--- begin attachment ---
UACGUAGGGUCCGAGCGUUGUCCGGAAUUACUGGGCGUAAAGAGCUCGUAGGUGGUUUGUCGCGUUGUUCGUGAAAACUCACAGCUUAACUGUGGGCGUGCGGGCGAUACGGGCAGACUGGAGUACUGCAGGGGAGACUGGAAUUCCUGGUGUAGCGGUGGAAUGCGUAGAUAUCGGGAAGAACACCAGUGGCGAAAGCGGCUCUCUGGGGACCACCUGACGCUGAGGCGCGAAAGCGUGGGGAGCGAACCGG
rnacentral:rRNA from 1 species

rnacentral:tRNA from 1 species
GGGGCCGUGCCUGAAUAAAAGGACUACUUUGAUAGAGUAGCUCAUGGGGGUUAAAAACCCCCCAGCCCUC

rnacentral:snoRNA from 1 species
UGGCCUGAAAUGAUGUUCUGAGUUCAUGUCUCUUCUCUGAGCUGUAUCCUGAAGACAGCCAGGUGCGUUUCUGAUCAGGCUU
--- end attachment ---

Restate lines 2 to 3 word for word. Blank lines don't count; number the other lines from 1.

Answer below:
rnacentral:rRNA from 1 species

rnacentral:tRNA from 1 species